“Whenever I hear ‘Heartattack And Vine,’ the bruising title track of one of Tom Waits‘ best albums, it reminds me of arriving in Los Angeles for the first time thirty years ago. The sheer force of the track never fails to pummel me in the chest. It’s as if Howlin’ Wolf were prowling the backstreets of Hollywood Babylon and figuring, ‘Fuck, if you can’t beat ’em, join ’em.’
I suppose it helps that ‘Heartattack And Vine’ — in one of its most caustic lines — references Cahuenga Boulevard, since it was on said street that I found the Hollywood motel I rashly opted to stay in on my arrival that night. If memory serves, it was a matter of minutes before I was befriended by a crew of feral street creatures who sold me some mind-shredding grass and then vanished into the night with all my traveler’s checks.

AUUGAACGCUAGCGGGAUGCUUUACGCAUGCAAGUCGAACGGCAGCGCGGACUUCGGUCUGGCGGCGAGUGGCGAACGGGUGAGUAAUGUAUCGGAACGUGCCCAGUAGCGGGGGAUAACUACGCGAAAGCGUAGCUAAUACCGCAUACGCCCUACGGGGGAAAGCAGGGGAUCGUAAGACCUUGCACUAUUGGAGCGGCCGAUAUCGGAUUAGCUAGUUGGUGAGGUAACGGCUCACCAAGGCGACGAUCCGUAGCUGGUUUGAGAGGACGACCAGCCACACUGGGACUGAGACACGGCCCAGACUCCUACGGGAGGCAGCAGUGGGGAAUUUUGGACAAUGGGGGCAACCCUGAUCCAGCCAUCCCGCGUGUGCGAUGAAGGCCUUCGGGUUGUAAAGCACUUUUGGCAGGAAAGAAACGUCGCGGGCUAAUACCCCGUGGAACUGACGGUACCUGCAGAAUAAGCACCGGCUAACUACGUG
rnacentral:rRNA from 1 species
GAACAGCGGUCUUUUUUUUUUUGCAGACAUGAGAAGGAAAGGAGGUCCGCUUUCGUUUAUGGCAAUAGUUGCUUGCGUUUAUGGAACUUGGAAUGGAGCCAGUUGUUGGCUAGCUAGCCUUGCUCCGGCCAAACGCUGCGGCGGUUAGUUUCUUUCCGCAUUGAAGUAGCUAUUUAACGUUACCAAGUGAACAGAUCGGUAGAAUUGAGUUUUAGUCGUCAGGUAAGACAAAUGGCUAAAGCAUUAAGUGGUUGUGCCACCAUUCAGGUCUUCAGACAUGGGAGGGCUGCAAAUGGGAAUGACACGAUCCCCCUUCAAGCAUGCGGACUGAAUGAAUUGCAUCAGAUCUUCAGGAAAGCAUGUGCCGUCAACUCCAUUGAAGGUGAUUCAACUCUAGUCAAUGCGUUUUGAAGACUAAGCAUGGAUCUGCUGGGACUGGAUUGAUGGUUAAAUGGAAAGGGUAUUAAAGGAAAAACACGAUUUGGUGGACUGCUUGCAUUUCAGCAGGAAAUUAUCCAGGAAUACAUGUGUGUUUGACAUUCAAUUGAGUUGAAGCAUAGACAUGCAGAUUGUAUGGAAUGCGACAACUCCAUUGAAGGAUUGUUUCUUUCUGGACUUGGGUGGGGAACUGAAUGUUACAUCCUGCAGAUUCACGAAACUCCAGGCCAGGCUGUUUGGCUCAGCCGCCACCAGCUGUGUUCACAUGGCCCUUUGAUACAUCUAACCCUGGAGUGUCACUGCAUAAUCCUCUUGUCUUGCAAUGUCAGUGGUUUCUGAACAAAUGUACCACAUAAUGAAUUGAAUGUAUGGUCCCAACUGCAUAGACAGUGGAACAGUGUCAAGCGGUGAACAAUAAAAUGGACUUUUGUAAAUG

In a sense it was precisely what I’d come to Los Angeles to find: not the surface glitter and phony glamour, but the noir undertow, the menace lurking behind the palm-tree facade. I wanted to examine LA — as a symbol, as a metaphor, but also as a living breathing place — through the music made in it and about it: to trace the line that connected Brian Wilson to Black Flag to Axl Rose. (What is the line? Why, failed singer-songwriter Charlie Manson, of course.)”
—Barney Hoskyns, Preface to Waiting For The Sun: A Rock ‘n’ Roll History of Los Angeles, 2009